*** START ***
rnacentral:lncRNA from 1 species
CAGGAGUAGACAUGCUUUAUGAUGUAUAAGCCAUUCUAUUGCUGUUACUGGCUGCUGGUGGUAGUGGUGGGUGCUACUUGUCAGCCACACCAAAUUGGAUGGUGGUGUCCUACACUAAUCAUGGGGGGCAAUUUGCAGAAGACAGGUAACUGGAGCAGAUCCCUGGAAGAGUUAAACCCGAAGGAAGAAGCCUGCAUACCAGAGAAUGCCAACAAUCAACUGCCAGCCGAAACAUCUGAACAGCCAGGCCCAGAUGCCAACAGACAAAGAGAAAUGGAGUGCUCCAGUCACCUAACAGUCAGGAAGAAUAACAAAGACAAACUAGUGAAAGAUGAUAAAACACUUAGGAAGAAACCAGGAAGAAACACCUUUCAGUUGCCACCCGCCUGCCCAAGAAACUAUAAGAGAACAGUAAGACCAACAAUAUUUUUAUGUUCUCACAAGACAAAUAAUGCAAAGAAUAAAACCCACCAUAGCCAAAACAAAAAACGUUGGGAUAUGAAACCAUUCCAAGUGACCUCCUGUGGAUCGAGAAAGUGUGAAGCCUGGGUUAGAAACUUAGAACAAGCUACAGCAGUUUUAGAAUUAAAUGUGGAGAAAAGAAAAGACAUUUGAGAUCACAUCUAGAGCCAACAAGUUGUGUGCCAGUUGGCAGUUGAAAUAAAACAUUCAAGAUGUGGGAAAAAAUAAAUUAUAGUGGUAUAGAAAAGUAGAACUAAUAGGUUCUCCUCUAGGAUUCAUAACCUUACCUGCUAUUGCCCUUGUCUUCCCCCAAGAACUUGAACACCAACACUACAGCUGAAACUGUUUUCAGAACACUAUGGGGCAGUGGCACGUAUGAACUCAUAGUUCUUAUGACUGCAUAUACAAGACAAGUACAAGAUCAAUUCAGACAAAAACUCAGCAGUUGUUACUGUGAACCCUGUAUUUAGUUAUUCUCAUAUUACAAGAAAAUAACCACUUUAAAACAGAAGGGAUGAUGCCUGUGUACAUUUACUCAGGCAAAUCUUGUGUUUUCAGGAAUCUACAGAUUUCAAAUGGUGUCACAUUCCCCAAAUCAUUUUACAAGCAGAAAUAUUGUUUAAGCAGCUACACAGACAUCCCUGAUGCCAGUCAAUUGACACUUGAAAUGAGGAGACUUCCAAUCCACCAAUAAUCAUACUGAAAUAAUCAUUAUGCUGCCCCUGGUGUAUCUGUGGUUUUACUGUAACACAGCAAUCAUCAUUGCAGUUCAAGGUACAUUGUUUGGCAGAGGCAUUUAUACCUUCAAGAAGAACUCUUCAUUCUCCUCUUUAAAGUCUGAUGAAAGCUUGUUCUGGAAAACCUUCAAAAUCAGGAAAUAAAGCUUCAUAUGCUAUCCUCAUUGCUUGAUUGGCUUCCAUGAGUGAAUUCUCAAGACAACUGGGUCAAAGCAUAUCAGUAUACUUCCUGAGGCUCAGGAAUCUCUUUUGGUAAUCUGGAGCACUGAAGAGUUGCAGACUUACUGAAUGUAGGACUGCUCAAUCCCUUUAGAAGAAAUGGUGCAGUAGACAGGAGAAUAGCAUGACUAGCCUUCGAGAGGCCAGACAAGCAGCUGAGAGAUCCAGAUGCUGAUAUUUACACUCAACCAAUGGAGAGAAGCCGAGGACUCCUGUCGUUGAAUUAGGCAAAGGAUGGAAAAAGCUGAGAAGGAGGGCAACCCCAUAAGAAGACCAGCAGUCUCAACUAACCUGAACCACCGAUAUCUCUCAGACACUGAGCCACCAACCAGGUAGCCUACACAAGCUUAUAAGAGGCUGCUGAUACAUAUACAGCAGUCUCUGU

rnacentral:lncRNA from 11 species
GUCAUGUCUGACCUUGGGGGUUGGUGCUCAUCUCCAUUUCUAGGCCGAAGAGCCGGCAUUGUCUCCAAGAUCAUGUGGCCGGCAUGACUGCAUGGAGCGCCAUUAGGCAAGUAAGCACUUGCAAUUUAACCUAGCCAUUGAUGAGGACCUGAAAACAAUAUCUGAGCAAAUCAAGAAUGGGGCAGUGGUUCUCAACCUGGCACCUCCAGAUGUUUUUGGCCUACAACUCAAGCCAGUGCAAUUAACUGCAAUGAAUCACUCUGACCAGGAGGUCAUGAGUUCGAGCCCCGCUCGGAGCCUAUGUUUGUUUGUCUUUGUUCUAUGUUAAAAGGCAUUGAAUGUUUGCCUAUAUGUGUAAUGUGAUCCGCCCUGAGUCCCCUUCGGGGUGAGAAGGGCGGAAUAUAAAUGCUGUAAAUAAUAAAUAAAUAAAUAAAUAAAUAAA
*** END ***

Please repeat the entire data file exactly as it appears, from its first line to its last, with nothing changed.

rnacentral:lncRNA from 1 species
CAGGAGUAGACAUGCUUUAUGAUGUAUAAGCCAUUCUAUUGCUGUUACUGGCUGCUGGUGGUAGUGGUGGGUGCUACUUGUCAGCCACACCAAAUUGGAUGGUGGUGUCCUACACUAAUCAUGGGGGGCAAUUUGCAGAAGACAGGUAACUGGAGCAGAUCCCUGGAAGAGUUAAACCCGAAGGAAGAAGCCUGCAUACCAGAGAAUGCCAACAAUCAACUGCCAGCCGAAACAUCUGAACAGCCAGGCCCAGAUGCCAACAGACAAAGAGAAAUGGAGUGCUCCAGUCACCUAACAGUCAGGAAGAAUAACAAAGACAAACUAGUGAAAGAUGAUAAAACACUUAGGAAGAAACCAGGAAGAAACACCUUUCAGUUGCCACCCGCCUGCCCAAGAAACUAUAAGAGAACAGUAAGACCAACAAUAUUUUUAUGUUCUCACAAGACAAAUAAUGCAAAGAAUAAAACCCACCAUAGCCAAAACAAAAAACGUUGGGAUAUGAAACCAUUCCAAGUGACCUCCUGUGGAUCGAGAAAGUGUGAAGCCUGGGUUAGAAACUUAGAACAAGCUACAGCAGUUUUAGAAUUAAAUGUGGAGAAAAGAAAAGACAUUUGAGAUCACAUCUAGAGCCAACAAGUUGUGUGCCAGUUGGCAGUUGAAAUAAAACAUUCAAGAUGUGGGAAAAAAUAAAUUAUAGUGGUAUAGAAAAGUAGAACUAAUAGGUUCUCCUCUAGGAUUCAUAACCUUACCUGCUAUUGCCCUUGUCUUCCCCCAAGAACUUGAACACCAACACUACAGCUGAAACUGUUUUCAGAACACUAUGGGGCAGUGGCACGUAUGAACUCAUAGUUCUUAUGACUGCAUAUACAAGACAAGUACAAGAUCAAUUCAGACAAAAACUCAGCAGUUGUUACUGUGAACCCUGUAUUUAGUUAUUCUCAUAUUACAAGAAAAUAACCACUUUAAAACAGAAGGGAUGAUGCCUGUGUACAUUUACUCAGGCAAAUCUUGUGUUUUCAGGAAUCUACAGAUUUCAAAUGGUGUCACAUUCCCCAAAUCAUUUUACAAGCAGAAAUAUUGUUUAAGCAGCUACACAGACAUCCCUGAUGCCAGUCAAUUGACACUUGAAAUGAGGAGACUUCCAAUCCACCAAUAAUCAUACUGAAAUAAUCAUUAUGCUGCCCCUGGUGUAUCUGUGGUUUUACUGUAACACAGCAAUCAUCAUUGCAGUUCAAGGUACAUUGUUUGGCAGAGGCAUUUAUACCUUCAAGAAGAACUCUUCAUUCUCCUCUUUAAAGUCUGAUGAAAGCUUGUUCUGGAAAACCUUCAAAAUCAGGAAAUAAAGCUUCAUAUGCUAUCCUCAUUGCUUGAUUGGCUUCCAUGAGUGAAUUCUCAAGACAACUGGGUCAAAGCAUAUCAGUAUACUUCCUGAGGCUCAGGAAUCUCUUUUGGUAAUCUGGAGCACUGAAGAGUUGCAGACUUACUGAAUGUAGGACUGCUCAAUCCCUUUAGAAGAAAUGGUGCAGUAGACAGGAGAAUAGCAUGACUAGCCUUCGAGAGGCCAGACAAGCAGCUGAGAGAUCCAGAUGCUGAUAUUUACACUCAACCAAUGGAGAGAAGCCGAGGACUCCUGUCGUUGAAUUAGGCAAAGGAUGGAAAAAGCUGAGAAGGAGGGCAACCCCAUAAGAAGACCAGCAGUCUCAACUAACCUGAACCACCGAUAUCUCUCAGACACUGAGCCACCAACCAGGUAGCCUACACAAGCUUAUAAGAGGCUGCUGAUACAUAUACAGCAGUCUCUGU

rnacentral:lncRNA from 11 species
GUCAUGUCUGACCUUGGGGGUUGGUGCUCAUCUCCAUUUCUAGGCCGAAGAGCCGGCAUUGUCUCCAAGAUCAUGUGGCCGGCAUGACUGCAUGGAGCGCCAUUAGGCAAGUAAGCACUUGCAAUUUAACCUAGCCAUUGAUGAGGACCUGAAAACAAUAUCUGAGCAAAUCAAGAAUGGGGCAGUGGUUCUCAACCUGGCACCUCCAGAUGUUUUUGGCCUACAACUCAAGCCAGUGCAAUUAACUGCAAUGAAUCACUCUGACCAGGAGGUCAUGAGUUCGAGCCCCGCUCGGAGCCUAUGUUUGUUUGUCUUUGUUCUAUGUUAAAAGGCAUUGAAUGUUUGCCUAUAUGUGUAAUGUGAUCCGCCCUGAGUCCCCUUCGGGGUGAGAAGGGCGGAAUAUAAAUGCUGUAAAUAAUAAAUAAAUAAAUAAAUAAAUAAA